The loss of personal data by the West Berkshire Council once again proves that employees will always be the weakest point in any security system, says Chris McIntosh, chief executive of encryption firm Stonewood.
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The Information Commissioner's Office (ICO) found the council in breach of the Data Protection Act (DPA) for losing an unencrypted USB stick containing personal information about children and young people.
The ICO found that unencrypted devices, in operation before the council introduced encrypted memory sticks in 2006, were still being used by members of staff.
Organisations must make sure that they cannot breach security even inadvertently through use of rigorous protocols and automated technology to ensure that, for example, unencrypted USB sticks are correctly recalled, said McIntosh.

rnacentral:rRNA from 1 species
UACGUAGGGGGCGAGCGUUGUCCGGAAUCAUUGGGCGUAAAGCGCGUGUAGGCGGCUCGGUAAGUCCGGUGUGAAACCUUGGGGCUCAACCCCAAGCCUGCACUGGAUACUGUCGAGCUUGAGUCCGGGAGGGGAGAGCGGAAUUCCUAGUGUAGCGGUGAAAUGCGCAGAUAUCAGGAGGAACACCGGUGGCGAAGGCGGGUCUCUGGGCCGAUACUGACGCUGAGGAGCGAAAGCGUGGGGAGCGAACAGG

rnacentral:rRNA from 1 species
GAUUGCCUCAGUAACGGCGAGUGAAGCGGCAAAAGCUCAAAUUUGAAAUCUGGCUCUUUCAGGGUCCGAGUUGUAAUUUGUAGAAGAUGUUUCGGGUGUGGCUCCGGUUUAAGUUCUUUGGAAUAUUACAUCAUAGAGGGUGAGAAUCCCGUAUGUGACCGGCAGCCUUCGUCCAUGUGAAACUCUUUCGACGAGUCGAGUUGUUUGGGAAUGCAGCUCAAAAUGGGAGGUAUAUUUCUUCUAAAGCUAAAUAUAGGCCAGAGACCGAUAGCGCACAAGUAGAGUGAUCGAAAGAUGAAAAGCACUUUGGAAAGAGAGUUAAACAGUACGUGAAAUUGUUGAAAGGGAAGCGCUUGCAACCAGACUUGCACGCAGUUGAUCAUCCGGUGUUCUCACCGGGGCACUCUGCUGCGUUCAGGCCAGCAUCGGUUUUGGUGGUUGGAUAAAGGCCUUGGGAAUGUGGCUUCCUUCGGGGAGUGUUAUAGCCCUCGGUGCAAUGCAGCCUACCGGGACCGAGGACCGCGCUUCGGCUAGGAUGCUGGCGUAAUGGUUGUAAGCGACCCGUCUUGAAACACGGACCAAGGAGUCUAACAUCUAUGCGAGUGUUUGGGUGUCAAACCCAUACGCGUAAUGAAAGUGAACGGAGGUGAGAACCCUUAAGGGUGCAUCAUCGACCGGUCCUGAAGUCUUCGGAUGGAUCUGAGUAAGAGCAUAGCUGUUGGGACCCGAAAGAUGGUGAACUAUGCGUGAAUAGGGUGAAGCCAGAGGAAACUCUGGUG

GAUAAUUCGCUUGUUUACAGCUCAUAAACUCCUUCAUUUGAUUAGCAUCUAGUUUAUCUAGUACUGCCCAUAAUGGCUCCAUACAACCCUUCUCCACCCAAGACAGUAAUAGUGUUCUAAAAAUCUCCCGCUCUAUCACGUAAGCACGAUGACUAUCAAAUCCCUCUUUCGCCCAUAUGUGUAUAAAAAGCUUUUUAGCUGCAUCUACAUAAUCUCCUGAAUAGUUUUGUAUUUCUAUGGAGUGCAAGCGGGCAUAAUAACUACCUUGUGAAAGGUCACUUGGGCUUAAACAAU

"While the organisation as a whole may know the value of encrypted data, it is imperative that not only do the workers know this, but that there is no opportunity whatsoever for sensitive data to be unencrypted at any point in its life," he said.
The council has been identified as the second most prolific local authority in the country in its use of data gathering powers granted by the Regulation of Investigatory Powers Act (Ripa).
"The fact that this is its second reported loss of sensitive, unencrypted data in six months is more than a little ironic," said McIntosh.
"Considering the council's willingness to gather information on its citizens, you might expect that nothing would be left to chance when protecting that information," he said.